Steven Mnuchin, President Donald Trump’s nominee for Secretary of the Treasury, moved closer to a full Senate vote on his confirmation after all.
Following a second day of protest by Democrats on the Senate Finance Committee, the Republicans on the committee voted to bypass the rules requiring the Democrats to be present for a vote to move a candidate to the next round.
The GOP senators voted 14 to zero to advance both Mnuchin and Health and Human Services Secretary nominee Tom Price to the Senate for a final confirmation vote.
The Republican members of the Committee used a parliamentary procedure to hold the vote without the participation of the Democratic members.
"We took some unprecedented actions today due to the unprecedented obstruction on the part of our colleagues," Sen. Orrin Hatch, the chair of the committee, said.
Hatch on Tuesday called the Democrats’ efforts to stall a vote on Mnuchin “abysmal” and “amazingly stupid,” excoriating them to return and give Mnuchin an up-or-down vote.
Sen. Ron Wyden (D-Oregon), the ranking member on the Senate Finance Committee, accused Republicans of “breaking the rules” by holding a vote without Democratic input.
"I don't know all the details of what just transpired, but it seems to me the basic proposition of breaking the rule so that you can in effect look the other way in the face of strong evidence of serious ethical problems for two nominees is exceptionally troubling," Wyden said.
Several Democratic senators said they have concerns over Mnuchin, specifically over the use of “robo-signing” during his tenure at OneWest.
“I am pleased that Treasury Secretary nominee Steven Mnuchin will move on to a full Senate vote,” said Ed Delgado, President and CEO of the Five Star Institute and former Wells Fargo and Freddie Mac executive. “However, it is unfortunate that the Senate Finance Committee could not come to this decision unilaterally. If there was ever a time to move forward together as a nation, that time is now.”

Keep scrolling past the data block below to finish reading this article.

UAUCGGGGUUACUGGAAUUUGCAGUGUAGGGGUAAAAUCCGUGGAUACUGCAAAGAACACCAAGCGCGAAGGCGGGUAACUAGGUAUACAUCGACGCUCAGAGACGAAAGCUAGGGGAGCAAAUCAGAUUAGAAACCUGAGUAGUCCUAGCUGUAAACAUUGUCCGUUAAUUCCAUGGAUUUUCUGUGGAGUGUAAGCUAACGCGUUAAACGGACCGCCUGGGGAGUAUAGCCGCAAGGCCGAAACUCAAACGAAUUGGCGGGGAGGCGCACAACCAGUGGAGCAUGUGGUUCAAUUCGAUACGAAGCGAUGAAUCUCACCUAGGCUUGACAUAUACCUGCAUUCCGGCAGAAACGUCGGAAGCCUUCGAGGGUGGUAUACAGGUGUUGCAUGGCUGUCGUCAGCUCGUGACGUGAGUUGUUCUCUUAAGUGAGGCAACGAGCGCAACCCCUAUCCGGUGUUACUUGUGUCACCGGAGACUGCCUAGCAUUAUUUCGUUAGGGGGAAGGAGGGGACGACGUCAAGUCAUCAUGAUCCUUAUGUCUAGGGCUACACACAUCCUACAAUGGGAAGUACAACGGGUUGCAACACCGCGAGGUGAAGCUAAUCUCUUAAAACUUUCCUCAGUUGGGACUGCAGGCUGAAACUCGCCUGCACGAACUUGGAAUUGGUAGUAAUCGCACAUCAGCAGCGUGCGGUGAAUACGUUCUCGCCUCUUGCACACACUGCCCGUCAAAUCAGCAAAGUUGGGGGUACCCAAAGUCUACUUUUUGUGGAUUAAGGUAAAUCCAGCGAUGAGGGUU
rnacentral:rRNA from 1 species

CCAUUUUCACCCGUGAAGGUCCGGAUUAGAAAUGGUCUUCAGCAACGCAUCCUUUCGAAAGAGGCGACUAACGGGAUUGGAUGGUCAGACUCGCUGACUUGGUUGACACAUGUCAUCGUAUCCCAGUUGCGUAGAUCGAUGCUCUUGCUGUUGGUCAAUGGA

Paulina Gonzales, executive director of the California Reinvestment Coalition, said she’s opposed Mnuchin’s nomination from the start, saying he intentionally misled the Committee about OneWest’s activities during the housing crisis.
“Senator Hatch and the Republicans on the committee sent a clear message to the American public this morning that a presidential nominee need not tell the truth about his record and can still be assured of his nomination being moved forward,” Gonzales said. Voters place our trust in our senators to obtain the truth from presidential nominees about their track records, and in fact, that is the point of confirmation hearings. Yet at Mr. Mnuchin’s hearing, he lied to the senators about his bank’s well-documented history of robo-signing, he refused to provide information about the numbers of foreclosures he had overseen at OneWest Bank, and, amazingly, he continued this obfuscation twice in his follow up written responses to senators.”